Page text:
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This is the Spanish youth of the most radical climate activism: "We are willing to go to jail"


The members of Futuro Vegetal, a civil disobedience collective created a year ago, have blocked the M-30 and the Vuelta, have stuck to Goya paintings and the Congress rostrum. They fight against global warming and raise more protests for spring

Climate activism is increasing in intensity at the same time that the temperature of the planet increases.

In addition to the protests by classic environmental organizations such as Greenpeace or Ecologistas en Acción, which have been blocking roads or climbing up macro-farms or oil platforms for decades, the radical actions of Futuro Vegetal, a civil disobedience collective created so long ago, have been added in recent months. just a year whose members have made a big splash by sticking to

the pestle

of Goya in the Museo del Prado —an action similar to what international activists from Just Stop Oil had already carried out throughout Europe—, cut part of the M-30 in Madrid or a stage of the Vuelva a España and, last Monday , try to tie themselves to the rostrum of Congress.

They are disruptive actions that attract attention because they subvert the order of things and create discomfort, although they do not damage heritage.

EL PAÍS chats with six of them in Madrid while they prepare new protests: they are young, with university studies and even willing to be imprisoned to achieve their main demand, ending subsidies to the meat industry as a lever to change the food system.

“Although we are very scared, we are willing to go to jail.

The climate future that awaits us is more terrifying ”, they say.

Most are vegetarians, although it is not mandatory: "We are not committed to individual changes, but to systemic ones," they justify.

It is a decentralized collective that is organized through secure internet


and, although its members live in different cities, they coordinate to get together and carry out actions throughout Spain, from Murcia to Barcelona and from Huesca to Tenerife.

Although most of the activists are between the ages of 20 and 40, they say they are also supported by people over 60. In total, they estimate that they have around 300 activists behind them who may take part in some action later.


Two climate activists take their protest to the Congress of Deputies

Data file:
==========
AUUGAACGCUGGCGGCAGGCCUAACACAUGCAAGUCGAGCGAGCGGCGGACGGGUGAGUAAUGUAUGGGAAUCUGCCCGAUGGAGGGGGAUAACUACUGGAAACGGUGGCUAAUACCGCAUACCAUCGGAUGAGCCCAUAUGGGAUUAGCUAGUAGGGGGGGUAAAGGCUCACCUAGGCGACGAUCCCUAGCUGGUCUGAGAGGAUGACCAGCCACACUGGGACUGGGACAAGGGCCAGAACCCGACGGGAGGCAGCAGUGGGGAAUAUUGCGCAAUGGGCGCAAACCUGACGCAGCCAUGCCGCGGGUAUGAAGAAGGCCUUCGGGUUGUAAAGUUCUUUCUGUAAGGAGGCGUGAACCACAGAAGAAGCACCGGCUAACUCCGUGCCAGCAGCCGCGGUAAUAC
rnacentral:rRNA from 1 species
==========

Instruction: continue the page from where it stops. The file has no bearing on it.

Climate activists protesting in the hemicycle of Congress 01/25/2023Photo: FUTURO VEGETAL

“Nonviolent civil disobedience allows profound social transformations, and that is what we are looking for.

In addition, it opens a social debate that we should be having in the face of the climate crisis and that governments are ignoring”, says Mauricio Misquero (33 years old), PhD in Physics and professor at the Faculty of Educational Sciences at the University of Granada.

In his case, he was already jailed for a week for a climate protest in Munich.

"We expose ourselves to that, and also to being marginalized and attacked for defending the planet against an unsustainable and unethical system," adds Anarcomonje, a Barcelona tattoo artist who prefers not to give his name or his age.

More information

Tik-tok, Telegram and throwing soup in museums: new ways to fight the climate crisis

"With these actions of civil disobedience, we try to attract the attention of the press and the public to, from there, focus on the fact that we need a change in the economic model," says Bilbo Bassaterra, a 30-year-old law graduate who lives in France and works in the collection of vegetables.

Along with them are Marina Serna, a Biotechnology student in León;

Victoria Domingo, a 37-year-old veterinarian and resident of Barcelona, ​​and Juan Ricardo, 26, who studied Architecture in Madrid, although he abandoned it to start working.

The four participated in cutting the M-30 on a Friday afternoon during the exit operation last Christmas.

“Some drivers became aggressive, but most understood what we were protesting for.

Then the police evicted us,” explains Ricardo.

Several Futuro Vegetal activists (among them Bilbo Bassaterra, Marina Serna, Victoria Domingo and Juan Ricardo) cut off the M-30 in Madrid during the last Christmas Exit Operation.

Don't you fear that these radical protests will be counterproductive to your objectives?

“We are in an unprecedented crisis and no action is being taken to solve it.

Even if it turned against us, we have nothing to lose”, answers Bassaterra.

“These protests can cause rejection, but they serve to increase tolerance for non-violent protest methods and to increase the number of militants in this type of radical collective”, continues the activist.

protest in museums

Undoubtedly, the action that has aroused the most criticism has been that of sticking to the frames of 'las majas' by Francisco de Goya in the Prado Museum, due to the risk to the works of art.